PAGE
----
Rosemary Joyce (Berkeley), “Nuclear Landscapes”
8 April 2021, 20:00hrs CET, on Zoom
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The global nuclear industry has for decades used sites like Stonehenge to justify designs for long-term markers to be placed over nuclear waste repositories to ensure they are not violated in distant, imagined futures. In the US, the result has been a proposal to build a pre-formed archaeological site, a ruin that would qualify for listing as a World Heritage site in the future if it were ever implemented. Alternative proposals, some emerging from the same planning process, others from activism in opposition to the nuclear industry, propose a variety of aesthetic installations as alternative ways of marking the contaminated landscapes under construction.
Whether based in cultural heritage thought or artists imagination, these proposals share a conception of the sites involved, located in the dry western United States, as a “sacrifice zone” conceived of as desert-ed, as inimical to human habitation, despite the actual presence of indigenous peoples for whom these lands are home. Moving back and forth between the proposals rooted in cultural heritage thinking, and those aligned with art worlds, this talk questions how both imagine human intentions as singularly effective in structuring place over spans of thousands of years. An archaeological sensibility on how materials endure and decay supports questioning the intelligibility of landscape scale installations conceived of as simple visual markers, and demands that we think about how such marks might be encountered in futures like those imagined by authors of science fiction or artists responsible for large scale “Land Art” installations.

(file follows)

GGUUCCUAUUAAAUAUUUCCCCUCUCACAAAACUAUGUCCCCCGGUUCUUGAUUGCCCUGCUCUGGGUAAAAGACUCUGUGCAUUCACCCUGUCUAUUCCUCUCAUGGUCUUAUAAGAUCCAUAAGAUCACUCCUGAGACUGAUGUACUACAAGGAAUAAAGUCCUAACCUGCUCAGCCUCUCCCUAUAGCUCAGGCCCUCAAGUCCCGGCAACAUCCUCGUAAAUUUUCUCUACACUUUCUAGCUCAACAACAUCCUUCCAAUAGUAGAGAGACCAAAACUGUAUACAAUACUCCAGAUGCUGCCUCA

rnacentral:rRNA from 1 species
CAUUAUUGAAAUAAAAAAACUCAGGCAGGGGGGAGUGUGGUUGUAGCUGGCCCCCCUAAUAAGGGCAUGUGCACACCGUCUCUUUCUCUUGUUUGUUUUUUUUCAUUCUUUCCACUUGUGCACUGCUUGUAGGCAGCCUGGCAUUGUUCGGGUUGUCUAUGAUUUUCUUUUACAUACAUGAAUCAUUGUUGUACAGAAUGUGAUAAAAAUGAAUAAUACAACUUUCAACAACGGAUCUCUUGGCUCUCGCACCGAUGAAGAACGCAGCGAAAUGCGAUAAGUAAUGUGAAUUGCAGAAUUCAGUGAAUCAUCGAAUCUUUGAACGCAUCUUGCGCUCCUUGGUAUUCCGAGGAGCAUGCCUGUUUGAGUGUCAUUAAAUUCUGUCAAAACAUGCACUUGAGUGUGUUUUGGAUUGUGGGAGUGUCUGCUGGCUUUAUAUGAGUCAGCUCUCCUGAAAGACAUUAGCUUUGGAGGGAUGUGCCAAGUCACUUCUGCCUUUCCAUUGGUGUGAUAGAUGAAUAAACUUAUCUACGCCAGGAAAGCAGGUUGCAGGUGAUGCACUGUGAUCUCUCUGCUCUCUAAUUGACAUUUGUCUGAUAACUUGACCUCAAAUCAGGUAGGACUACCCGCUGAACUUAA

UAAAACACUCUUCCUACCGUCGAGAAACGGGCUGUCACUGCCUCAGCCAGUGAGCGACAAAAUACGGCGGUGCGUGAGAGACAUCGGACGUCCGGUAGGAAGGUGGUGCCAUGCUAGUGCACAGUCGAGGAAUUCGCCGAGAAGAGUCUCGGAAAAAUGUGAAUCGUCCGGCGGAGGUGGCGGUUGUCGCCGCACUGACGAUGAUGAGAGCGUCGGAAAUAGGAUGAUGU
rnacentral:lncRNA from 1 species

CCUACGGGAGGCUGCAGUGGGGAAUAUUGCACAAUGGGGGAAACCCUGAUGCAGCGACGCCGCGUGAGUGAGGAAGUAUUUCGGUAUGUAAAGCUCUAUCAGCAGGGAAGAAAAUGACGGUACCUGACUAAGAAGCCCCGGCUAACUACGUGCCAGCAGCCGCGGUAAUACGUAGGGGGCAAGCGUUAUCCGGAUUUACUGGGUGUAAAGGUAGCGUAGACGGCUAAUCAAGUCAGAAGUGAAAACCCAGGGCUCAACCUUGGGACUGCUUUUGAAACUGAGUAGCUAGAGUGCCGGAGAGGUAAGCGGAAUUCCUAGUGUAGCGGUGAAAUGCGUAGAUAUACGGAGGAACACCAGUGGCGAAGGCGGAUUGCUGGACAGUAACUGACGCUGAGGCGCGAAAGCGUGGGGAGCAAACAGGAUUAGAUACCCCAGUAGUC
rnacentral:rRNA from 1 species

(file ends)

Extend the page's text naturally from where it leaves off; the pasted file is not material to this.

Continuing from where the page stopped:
Rosemary Joyce received the PhD from the University of Illinois-Urbana in 1985, with a dissertation based on 32 months of archaeological fieldwork in Caribbean Honduras. As a curator and faculty member in anthropology at Harvard University from 1985 to 1994, she began to develop research on archaeology of gender and sexuality drawing on feminist and queer theory to frame the recursive relationship between enacting an embodied form of selfhood and engaging with external imagery of embodiment as precedent for gendered performance.
She moved to the University of California, Berkeley in 1994, initiating archaeological fieldwork in Honduras on the emergence of settled farming villages before 1500 BC, that began her explorations of the liveliness of geological materials, employing monist ontological understanding of humans and non-humans acting together aligned with the “agential realism” of Karen Barad. Her most recent book examines the intersection of future-oriented think and present-day thinking about the future in the past that converges around the concept of “monument”.
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Image: Spikes Bursting through Grid. After Kathleen M. Trauth, Stephen C. Hora, and Robert V. Guzowski, Expert Judgment on Markers to Deter Inadvertent Intrusion into the Waste Isolation Pilot Plant (Albuquerque, NM: Sandia National Laboratories, 1992), Fig. 4.3- 5, credited to Michael Brill.